This is the first of a two-part series that emphasizes the strengths and weaknesses of two teams in a big match on any particular day. We chose the Big Ten match-up between #6 Minnesota and (RV) Illinois in Champaign, Illinois. Minnesota is coming off of a four-set victory at Evanston Township High School (no seriously, it’s Northwestern), while Illinois lost a hard-fought four-setter to #12 Wisconsin last night at home.
- #6 Minnesota (25-3, 14-3 Big Ten) at (RV) Illinois (18-10, 9-8 Big Ten)
- Champaign, Illinois
- 7PM Central Time/8PM Eastern Time
- Big Ten Network
- Full TV and streaming schedule
This is one of those matches that coaches fear the most. Near the end of the season, the second of back-to-back nights, long matches the night before. Neither will win the Big Ten Conference title. Both will be in the NCAA Tournament.
Here’s the kicker: Minnesota (RPI: 4), with the opportunity to host on opening weekend, cannot afford to falter in that goal. They’re going to beat Rutgers next week. But they also get Penn State at home on senior night on the Saturday after Thanksgiving. They might even be able to steal a #1 overall seed, if they win all three and the three teams in front of them in the RPI (Penn State, Florida, Kentucky) all slip up somewhere this weekend or next.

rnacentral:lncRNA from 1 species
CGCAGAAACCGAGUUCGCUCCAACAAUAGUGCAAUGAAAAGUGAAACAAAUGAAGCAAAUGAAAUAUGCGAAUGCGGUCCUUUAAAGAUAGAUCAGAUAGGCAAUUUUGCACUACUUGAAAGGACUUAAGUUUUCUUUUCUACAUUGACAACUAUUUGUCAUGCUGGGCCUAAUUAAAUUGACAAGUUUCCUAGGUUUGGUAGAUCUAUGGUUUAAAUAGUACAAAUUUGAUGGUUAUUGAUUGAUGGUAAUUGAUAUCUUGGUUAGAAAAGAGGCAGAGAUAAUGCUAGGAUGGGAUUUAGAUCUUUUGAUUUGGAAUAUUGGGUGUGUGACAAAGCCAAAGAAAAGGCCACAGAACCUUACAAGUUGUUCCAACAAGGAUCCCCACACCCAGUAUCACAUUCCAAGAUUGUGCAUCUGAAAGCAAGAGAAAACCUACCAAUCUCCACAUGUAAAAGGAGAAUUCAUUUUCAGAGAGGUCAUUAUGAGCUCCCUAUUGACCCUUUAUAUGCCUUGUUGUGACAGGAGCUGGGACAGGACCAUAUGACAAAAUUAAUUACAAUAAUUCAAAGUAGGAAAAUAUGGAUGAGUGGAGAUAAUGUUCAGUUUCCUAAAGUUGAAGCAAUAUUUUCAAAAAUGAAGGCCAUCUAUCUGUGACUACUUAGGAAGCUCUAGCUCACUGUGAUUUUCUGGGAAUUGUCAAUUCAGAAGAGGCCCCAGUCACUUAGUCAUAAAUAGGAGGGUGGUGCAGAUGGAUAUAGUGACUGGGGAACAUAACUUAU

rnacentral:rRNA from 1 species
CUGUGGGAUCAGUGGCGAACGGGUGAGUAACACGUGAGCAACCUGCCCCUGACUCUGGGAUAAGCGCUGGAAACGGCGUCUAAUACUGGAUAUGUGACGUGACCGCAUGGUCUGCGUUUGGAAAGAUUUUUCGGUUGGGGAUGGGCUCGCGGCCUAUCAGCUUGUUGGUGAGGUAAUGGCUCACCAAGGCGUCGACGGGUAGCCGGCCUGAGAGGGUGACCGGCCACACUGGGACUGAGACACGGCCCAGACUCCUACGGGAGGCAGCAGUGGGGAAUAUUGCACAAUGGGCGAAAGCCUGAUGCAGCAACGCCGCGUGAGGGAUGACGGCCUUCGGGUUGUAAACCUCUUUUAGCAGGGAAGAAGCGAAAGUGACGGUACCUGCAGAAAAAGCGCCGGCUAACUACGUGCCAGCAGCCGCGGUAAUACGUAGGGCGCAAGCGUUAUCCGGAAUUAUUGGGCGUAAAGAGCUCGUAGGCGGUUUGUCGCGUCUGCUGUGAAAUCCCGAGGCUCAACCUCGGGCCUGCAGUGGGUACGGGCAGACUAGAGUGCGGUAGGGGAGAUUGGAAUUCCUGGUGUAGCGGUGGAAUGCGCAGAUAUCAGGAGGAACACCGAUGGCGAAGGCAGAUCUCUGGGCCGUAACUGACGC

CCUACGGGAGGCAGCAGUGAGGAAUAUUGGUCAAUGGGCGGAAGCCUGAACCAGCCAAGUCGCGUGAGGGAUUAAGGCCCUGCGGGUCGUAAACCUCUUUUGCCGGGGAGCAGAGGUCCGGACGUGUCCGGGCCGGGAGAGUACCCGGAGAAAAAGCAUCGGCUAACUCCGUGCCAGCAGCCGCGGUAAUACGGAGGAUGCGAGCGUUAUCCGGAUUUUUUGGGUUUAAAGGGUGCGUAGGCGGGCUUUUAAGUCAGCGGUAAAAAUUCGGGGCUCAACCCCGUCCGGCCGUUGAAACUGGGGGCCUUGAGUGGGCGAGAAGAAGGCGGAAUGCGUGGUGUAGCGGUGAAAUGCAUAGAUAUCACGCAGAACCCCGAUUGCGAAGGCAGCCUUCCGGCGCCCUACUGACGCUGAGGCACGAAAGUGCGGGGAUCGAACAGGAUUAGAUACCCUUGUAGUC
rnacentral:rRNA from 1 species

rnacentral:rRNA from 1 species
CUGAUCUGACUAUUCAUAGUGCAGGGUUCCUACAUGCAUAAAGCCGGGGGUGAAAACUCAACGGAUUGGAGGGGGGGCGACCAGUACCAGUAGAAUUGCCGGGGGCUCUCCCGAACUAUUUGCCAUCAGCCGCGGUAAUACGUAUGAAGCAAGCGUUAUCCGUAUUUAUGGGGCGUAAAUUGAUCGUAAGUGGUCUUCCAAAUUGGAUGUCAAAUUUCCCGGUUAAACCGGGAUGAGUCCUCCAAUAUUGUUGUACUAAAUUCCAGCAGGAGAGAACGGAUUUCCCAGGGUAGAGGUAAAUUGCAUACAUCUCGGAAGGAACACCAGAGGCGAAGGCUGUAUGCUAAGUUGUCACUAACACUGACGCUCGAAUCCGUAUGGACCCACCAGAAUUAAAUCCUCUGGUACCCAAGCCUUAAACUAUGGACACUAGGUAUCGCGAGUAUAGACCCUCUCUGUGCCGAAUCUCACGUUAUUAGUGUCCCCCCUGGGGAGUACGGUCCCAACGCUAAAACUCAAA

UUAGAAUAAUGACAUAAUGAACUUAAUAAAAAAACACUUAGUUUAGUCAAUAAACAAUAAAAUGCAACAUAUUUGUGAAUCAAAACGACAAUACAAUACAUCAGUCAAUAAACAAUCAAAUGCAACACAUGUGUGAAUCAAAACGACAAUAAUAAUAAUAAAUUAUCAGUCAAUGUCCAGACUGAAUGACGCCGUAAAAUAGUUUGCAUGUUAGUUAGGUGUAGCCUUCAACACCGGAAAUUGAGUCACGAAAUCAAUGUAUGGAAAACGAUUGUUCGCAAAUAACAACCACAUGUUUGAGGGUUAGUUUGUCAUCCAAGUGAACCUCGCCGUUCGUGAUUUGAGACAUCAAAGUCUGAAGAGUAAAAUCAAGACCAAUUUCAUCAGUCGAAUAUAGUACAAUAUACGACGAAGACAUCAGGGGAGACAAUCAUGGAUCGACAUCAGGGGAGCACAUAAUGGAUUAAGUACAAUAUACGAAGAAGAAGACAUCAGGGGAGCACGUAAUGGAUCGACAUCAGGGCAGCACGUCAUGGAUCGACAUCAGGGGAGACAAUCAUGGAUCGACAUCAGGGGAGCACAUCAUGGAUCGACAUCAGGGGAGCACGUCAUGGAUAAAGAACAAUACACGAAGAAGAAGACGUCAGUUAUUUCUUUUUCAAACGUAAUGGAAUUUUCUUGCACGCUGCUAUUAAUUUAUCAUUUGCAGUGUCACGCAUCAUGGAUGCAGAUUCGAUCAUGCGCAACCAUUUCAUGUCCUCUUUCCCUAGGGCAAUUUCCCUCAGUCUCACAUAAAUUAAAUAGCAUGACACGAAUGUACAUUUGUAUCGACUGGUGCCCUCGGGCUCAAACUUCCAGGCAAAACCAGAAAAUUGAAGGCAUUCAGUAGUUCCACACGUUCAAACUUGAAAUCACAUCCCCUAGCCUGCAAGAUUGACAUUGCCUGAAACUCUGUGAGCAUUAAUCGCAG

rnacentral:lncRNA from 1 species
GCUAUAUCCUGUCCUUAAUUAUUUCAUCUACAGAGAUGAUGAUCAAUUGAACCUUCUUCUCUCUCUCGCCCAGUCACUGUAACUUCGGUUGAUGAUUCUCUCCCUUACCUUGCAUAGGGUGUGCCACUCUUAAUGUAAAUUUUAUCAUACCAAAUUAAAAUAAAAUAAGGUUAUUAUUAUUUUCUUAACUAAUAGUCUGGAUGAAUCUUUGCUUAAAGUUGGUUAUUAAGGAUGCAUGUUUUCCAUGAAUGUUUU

Illinois (RPI: 27) does not have that same pressure. They will not host on opening weekend. They’ll make the tourney, and most likely be sent someplace that would make the match watchable for the masses. Wouldn’t it be neat if they were sent out to Stanford?
Ahem. I digress. Sorry about that. I’m a conspiracy theorist at heart.
In all seriousness, this match and this match alone will be the last RPI booster that can show the NCAA Committee that they should be sent somewhere easier. Their last two matches are hosting Iowa (RPI: 45) and at Ohio State (RPI: 38). Neither of those two teams will be easy, since both will be fighting for their tournament lives. And neither of those teams will help Illinois’ RPI cause with both being below them in the RPI rankings.
So what do we have? This match. A loss by Minnesota would not help, but it won’t kick them out of hosting on the opening weekend. A loss by Illinois, though, makes the trek through the tournament field that much harder. A win for the Illini could mean the difference between travelling to Stanford or travelling to Iowa State. Big difference.
MINNESOTA’S KEYS TO VICTORY
- Stephanie Samedy staying hot
She’s a ridiculously talented athlete and volleyball player. She’s averaging almost five kills per set in their last four matches. No one else on Minny’s roster is showing up that hot this late in the season. The crazy part is that every team they play knows that by now, and she’s getting better. Six kills per set in their four-set win as recently as last night over Northwestern. In order for Minnesota to keep taking care of business, take care of the ball, and subsequently, Samedy. Did I mention she’s a freshman?
- Conference stat leaders should continue to lead